FWC amnesty day diverts exotic pets from area woodlands


Dobby, a red-eared slider and yellow-bellied slider hybrid, is examined by veterinary staff during the Exotic Pet Amnesty Day at the University of Florida Straughn IFAS Extension on Tuesday.

Doug Finger/Staff Photographer
Published: Tuesday, April 16, 2013 at 6:07 p.m.
Last Modified: Tuesday, April 16, 2013 at 6:07 p.m.

Forget dogs and cats. If you've ever dreamed of having an exotic pet -- say a boa constrictor or a yellow-bellied turtle -- you're in the right state.

Florida has an abundance of exotic animals brought in through the pet trade, an international market of importing and exporting exotic species. But for the same reason, many of these animals are on the loose here -- when eager owners realize they can't keep up with the demands of their exotic pets.

To amend that problem -- and find permanent homes for these creatures -- the Florida Fish and Wildlife Conservation Commission periodically holds amnesty events to recover the animals. Tuesday, the commission came to the University of Florida's Institute of Food and Agricultural Sciences, marking the first amnesty event in Alachua County.

Altogether, seven animals -- among them snakes, turtles, a bearded dragon and a prairie dog -- got adopted, mostly by aquariums and animal sanctuaries in Northern Florida.

“Frank,” a bearded dragon with a yellow-beaded back, was one of the animals snatched up. Weighing about as much as a can of soda, he chilled out on the arm of Jessica Therriault, who works in FWC communications.

“We're starting to bond,” Therriault said. “I've been holding him a lot. He's very sweet and docile.”

Frank's neighbor, Petri, a 16-pound boa constrictor, was coiled in his cage. A family had handed him off to a vet once the members realized how big he was going to get -- 8-10 feet, Therriault said.

His diet might also have been problematic: frozen thawed jumbo rats once every two weeks.

That information -- along with Petri's weight, health status and temperament, and adoptable status according to a veterinarian -- were listed on a sheet on top of his cage for his new owners.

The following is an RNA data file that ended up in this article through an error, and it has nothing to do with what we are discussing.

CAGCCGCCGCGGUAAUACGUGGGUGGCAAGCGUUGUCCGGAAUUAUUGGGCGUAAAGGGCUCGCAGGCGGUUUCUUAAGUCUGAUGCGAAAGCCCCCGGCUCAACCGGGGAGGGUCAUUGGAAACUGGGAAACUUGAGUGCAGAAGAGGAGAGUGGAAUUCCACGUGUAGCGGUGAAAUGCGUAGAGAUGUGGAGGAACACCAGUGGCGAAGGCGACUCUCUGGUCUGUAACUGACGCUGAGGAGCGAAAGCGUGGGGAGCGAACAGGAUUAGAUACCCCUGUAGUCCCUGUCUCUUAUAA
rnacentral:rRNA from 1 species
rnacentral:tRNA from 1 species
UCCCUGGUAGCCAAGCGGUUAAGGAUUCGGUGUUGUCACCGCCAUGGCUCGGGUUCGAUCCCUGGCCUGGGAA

Frank had a similar sheet on his cage, which boasted of a more manageable diet including butternut squash, collards and peas, and insects such as superworms and lobster roaches.

This is the basic information that goes to potential adopters, all of whom have to be approved by the FWC in order to adopt. Depending on the species people want to own, they might have to have a permit too, Therriault explained.

While most of the animals come in fairly healthy, some have been traumatized by careless owners or abandonment, she added.

“We have to make sure the new adopters realize that they need some extra TLC.”

A pair of turtles came in just under the 2 p.m. deadline for submissions on Tuesday -- one who had been found in the pool of an abandoned Gainesville home. The other had a soft lesion that needed antibiotics and injectible medication, explained UF vets examining them -- who made sure the adopters, wearing “Gulfarium” polo shirts, were prepared to treat the turtles.

For Lauren Diaz, a UF freshman studying wildlife ecology, amnesty day was a blessing. She brought in “Dobby,” a red-eared-slider and yellow-bellied slider hybrid turtle that she was given as a gift a couple of years ago.

“It's kind of a hassle to take care of. I need to change the water a lot,” Diaz said. She added that she was a bit sad to see Dobby go, but that “I'm happier giving him up so it can find someone who is more willing to take care of it.”

Diaz's gesture is emblematic of what the FWC aims for, and her pet, the size of a coffee lid, is fairly innocuous. But what often happens is that people abandon pets that might disrupt the ecosystem or harm other pets, said Steve Johnson, an associate professor in the wildlife ecology and conservation department at UF and the U.S. organizer of the adoption.

“They eat the native wildlife,” Johnson said, citing the Cuban tree frog as one species that eats native tree frogs. Iguanas also eat landscape plants. These invasive animals cause about $120 billion in damages annually in the U.S., Johnson said.

“Unfortunately, Florida is a mecca for the introduction of these animals,” he added.

The message that Johnson and FWC hope to send to people is that these animals can make for good pets -- but know what you are getting into.

“It's all about doing your research,” Johnson said.

Contact Kristine Crane at 338-3119, or kristine.crane@gvillesun.com.

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